Video

Video Booming London Property a ‘Haven for Dirty Money’

Billions of dollars of so-called ‘dirty money’ from the proceeds of crime - especially from Russia - are being laundered through the London property market, according to anti-corruption activists. As Henry Ridgwell reports from the British capital, the government has pledged to crack down on the practice.
Video

Video Hometown of Boy Scouts of America Founder Reacts to Gay Leader Decision

Ottawa, Illinois, is the hometown of W.D. Boyce, who founded the Boy Scouts of America in 1910. In Ottawa, where Scouting remains an important part of the legacy of the community, the end of the organization's ban on openly gay adult leaders was seen as inevitable. VOA's Kane Farabaugh reports.
Video

Video 'Metal Muscles' Flex a New Bionic Hand

Artificial limbs, including the most complex of them – the human hand – are getting more life-like and useful due to constant advances in tiny hydraulic, pneumatic and electric motors called actuators. But now, as VOA’s George Putic reports, scientists in Germany say the future of the prosthetic hand may lie not in motors but in wires that can ‘remember’ their shape.
Video

Video Russia Accused of Abusing Interpol to Pursue Opponents

A British pro-democracy group has accused Russia of abusing the global law enforcement agency Interpol by requesting the arrest and extradition of political opponents. A new report by the group notes such requests can mean the accused are unable to travel and are often unable to open bank accounts. VOA's Henry Ridgwell reports.
Video

Video 'Positive Atmosphere' Points Toward TPP Trade Deal in Hawaii

Talks on a major new trade agreement among 12 Pacific Rim nations are said to be nearing completion in Hawaii. Some trade experts say the "positive atmosphere" at the discussions could mean a deal is within reach, but there is still hard bargaining to be done over many issues and products, including U.S. drugs and Japanese rice. VOA's Jim Randle reports.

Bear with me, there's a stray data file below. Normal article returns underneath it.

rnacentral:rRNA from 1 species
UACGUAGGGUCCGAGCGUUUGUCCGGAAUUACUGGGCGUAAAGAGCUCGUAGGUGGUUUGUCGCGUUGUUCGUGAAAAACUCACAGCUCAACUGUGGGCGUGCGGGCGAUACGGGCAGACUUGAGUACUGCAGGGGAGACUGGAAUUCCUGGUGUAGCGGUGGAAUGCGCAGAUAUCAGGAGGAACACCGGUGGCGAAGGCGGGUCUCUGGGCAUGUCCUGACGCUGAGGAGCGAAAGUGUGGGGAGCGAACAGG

Video

Video Genome Initiative Urgently Moves to Freeze DNA Before Species Go Extinct

Earth is in the midst of its sixth mass extinction. The last such event was caused by an asteroid 66 million years ago. It killed off the dinosaurs and practically everything else. So scientists are in a race against time to classify the estimated 11 million species alive today. So far only 2 million are described by science, and researchers are worried many will disappear before they even have a name. VOA’s Rosanne Skirble reports.
Video

Video Scientists: One-Dose Malaria Cure is Possible

Scientists have long been trying to develop an effective protection and cure for malaria - one of the deadliest diseases that affects people in tropical areas, especially children. As the World Health Organization announces plans to begin clinical trials of a promising new vaccine, scientists in South Africa report that they too are at an important threshold. George Putic reports, they are testing a compound that could be a single-dose cure for malaria.